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See also: allégé and allège

Contents

EnglishEdit

Alternative formsEdit

PronunciationEdit

Etymology 1Edit

Borrowed from Old French alegier, from Latin alleviāre, present active infinitive of alleviō (lighten), from ad + levis (light). Doublet of alleviate.

VerbEdit

allege (third-person singular simple present alleges, present participle alleging, simple past and past participle alleged)

  1. (obsolete) To lighten, diminish.
    • 1485 July 31, Thomas Malory, “(please specify the chapter)”, in [Le Morte Darthur], (please specify the book number), [London]: Enprynted and fynysshed in thabbey Westmestre [by William Caxton], OCLC 71490786; republished as H[einrich] Oskar Sommer, editor, Le Morte Darthur by Syr Thomas Malory; the Original Edition of William Caxton Now Reprinted and Edited with an Introduction and Glossary by H. Oskar Sommer, Ph.D.; with an Essay on Malory’s Prose Style by Andrew Lang, London: Published by David Nutt, in the Strand, 1889, OCLC 890162034:
      , Bk.V:
      and suffir never your soveraynté to be alledged with your subjects, nother the soveraygne of your persone and londys.
    • 1590, Edmund Spenser, The Faerie Queene, III.ii:
      Hart that is inly hurt, is greatly eased / With hope of thing, that may allegge his smart [].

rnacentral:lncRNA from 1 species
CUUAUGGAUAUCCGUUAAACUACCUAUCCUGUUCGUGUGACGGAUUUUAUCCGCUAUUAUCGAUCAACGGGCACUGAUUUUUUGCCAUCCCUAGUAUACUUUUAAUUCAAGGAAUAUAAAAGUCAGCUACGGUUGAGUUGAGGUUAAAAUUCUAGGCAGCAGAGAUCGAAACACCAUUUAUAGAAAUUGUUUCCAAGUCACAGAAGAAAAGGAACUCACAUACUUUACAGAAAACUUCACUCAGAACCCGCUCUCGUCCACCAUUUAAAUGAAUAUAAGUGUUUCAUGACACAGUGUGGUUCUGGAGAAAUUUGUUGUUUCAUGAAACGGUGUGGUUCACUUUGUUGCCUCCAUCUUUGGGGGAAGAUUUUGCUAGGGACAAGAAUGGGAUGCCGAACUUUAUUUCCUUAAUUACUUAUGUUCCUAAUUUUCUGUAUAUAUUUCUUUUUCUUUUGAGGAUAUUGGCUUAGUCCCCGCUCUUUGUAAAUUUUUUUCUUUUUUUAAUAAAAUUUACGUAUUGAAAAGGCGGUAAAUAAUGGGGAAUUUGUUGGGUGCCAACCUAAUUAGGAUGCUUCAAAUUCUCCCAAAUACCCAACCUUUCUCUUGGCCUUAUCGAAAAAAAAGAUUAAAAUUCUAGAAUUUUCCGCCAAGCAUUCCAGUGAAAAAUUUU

Etymology 2Edit

From Middle English aleggen, borrowed from Anglo-Norman aleger, the form from Old French esligier, from Medieval Latin *exlītigāre (to clear at law), from Latin ex (out) + lītigō (sue at law), the meaning from Old French alleguer, from Latin allēgāre, present active infinitive of allēgō (send, depute; relate, mention, adduce), from ad (to) + lēgō (send).

VerbEdit

allege (third-person singular simple present alleges, present participle alleging, simple past and past participle alleged)

  1. (obsolete, transitive) To state under oath, to plead.
  2. (archaic) To cite or quote an author or his work for or against.
  3. (transitive) To adduce (something) as a reason, excuse, support etc.
  4. (transitive) To make a claim as justification or proof; to make an assertion without proof.
    The agency alleged my credit history had problems.
Related termsEdit
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LatinEdit